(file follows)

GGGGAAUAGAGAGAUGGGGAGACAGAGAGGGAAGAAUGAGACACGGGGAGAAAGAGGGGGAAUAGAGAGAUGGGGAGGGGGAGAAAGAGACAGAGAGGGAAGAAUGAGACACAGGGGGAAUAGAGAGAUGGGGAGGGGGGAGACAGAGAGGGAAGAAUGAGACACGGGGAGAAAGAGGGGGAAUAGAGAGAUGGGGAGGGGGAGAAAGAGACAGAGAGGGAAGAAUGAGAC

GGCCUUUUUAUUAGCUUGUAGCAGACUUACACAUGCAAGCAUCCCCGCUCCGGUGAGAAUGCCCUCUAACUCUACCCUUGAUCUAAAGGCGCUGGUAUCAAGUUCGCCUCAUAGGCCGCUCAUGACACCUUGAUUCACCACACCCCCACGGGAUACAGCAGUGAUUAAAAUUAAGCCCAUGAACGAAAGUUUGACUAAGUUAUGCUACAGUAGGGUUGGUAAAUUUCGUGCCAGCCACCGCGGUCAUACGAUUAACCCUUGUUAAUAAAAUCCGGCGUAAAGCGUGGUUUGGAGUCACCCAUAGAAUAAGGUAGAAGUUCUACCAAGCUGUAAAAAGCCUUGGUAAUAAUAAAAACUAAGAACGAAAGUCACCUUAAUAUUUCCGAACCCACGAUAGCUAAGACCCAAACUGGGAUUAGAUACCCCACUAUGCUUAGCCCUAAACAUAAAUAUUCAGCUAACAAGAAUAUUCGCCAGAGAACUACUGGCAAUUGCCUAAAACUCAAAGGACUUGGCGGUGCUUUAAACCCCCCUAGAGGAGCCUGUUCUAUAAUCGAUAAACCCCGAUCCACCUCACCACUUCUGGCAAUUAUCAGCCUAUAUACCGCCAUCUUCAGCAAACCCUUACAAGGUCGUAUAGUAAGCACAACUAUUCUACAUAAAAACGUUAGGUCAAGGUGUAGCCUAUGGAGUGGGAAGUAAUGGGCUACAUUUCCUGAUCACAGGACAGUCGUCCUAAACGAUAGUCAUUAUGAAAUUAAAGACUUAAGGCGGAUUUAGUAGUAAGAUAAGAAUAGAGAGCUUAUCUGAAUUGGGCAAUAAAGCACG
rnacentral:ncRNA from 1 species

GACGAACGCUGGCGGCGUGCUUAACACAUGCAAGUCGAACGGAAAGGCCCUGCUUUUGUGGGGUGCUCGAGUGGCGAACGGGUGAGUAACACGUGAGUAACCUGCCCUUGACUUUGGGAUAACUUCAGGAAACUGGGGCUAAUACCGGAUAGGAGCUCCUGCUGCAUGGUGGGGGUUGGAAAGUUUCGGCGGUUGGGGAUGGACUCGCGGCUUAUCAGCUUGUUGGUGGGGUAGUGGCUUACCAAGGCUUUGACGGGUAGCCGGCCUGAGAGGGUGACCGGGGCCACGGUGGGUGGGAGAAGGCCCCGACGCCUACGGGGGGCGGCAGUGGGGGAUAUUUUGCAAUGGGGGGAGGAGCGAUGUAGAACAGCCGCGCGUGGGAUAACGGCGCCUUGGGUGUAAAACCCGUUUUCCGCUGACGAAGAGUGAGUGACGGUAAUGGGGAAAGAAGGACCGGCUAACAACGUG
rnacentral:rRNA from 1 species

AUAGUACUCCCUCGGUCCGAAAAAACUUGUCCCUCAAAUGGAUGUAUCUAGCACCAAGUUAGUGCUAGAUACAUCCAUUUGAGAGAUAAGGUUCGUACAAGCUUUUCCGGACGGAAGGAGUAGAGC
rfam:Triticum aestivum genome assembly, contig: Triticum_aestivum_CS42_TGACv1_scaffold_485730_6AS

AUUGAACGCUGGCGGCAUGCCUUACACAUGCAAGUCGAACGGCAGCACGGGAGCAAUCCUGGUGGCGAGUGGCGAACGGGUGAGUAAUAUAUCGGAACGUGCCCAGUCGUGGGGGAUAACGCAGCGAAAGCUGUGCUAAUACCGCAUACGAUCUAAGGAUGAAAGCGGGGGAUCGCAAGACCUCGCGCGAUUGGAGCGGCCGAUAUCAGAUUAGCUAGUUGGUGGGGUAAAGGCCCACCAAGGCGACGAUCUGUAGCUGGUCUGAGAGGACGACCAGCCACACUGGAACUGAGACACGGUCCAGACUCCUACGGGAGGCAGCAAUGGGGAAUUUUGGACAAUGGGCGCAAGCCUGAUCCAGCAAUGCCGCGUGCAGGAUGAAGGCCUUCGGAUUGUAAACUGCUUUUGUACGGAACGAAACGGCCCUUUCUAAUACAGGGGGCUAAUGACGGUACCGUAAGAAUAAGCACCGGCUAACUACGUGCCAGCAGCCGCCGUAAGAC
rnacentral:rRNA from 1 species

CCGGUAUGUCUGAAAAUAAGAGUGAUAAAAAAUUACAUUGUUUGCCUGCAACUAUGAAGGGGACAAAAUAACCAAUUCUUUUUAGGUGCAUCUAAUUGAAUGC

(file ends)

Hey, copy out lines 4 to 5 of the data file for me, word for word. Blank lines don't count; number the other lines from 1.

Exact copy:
GACGAACGCUGGCGGCGUGCUUAACACAUGCAAGUCGAACGGAAAGGCCCUGCUUUUGUGGGGUGCUCGAGUGGCGAACGGGUGAGUAACACGUGAGUAACCUGCCCUUGACUUUGGGAUAACUUCAGGAAACUGGGGCUAAUACCGGAUAGGAGCUCCUGCUGCAUGGUGGGGGUUGGAAAGUUUCGGCGGUUGGGGAUGGACUCGCGGCUUAUCAGCUUGUUGGUGGGGUAGUGGCUUACCAAGGCUUUGACGGGUAGCCGGCCUGAGAGGGUGACCGGGGCCACGGUGGGUGGGAGAAGGCCCCGACGCCUACGGGGGGCGGCAGUGGGGGAUAUUUUGCAAUGGGGGGAGGAGCGAUGUAGAACAGCCGCGCGUGGGAUAACGGCGCCUUGGGUGUAAAACCCGUUUUCCGCUGACGAAGAGUGAGUGACGGUAAUGGGGAAAGAAGGACCGGCUAACAACGUG
rnacentral:rRNA from 1 species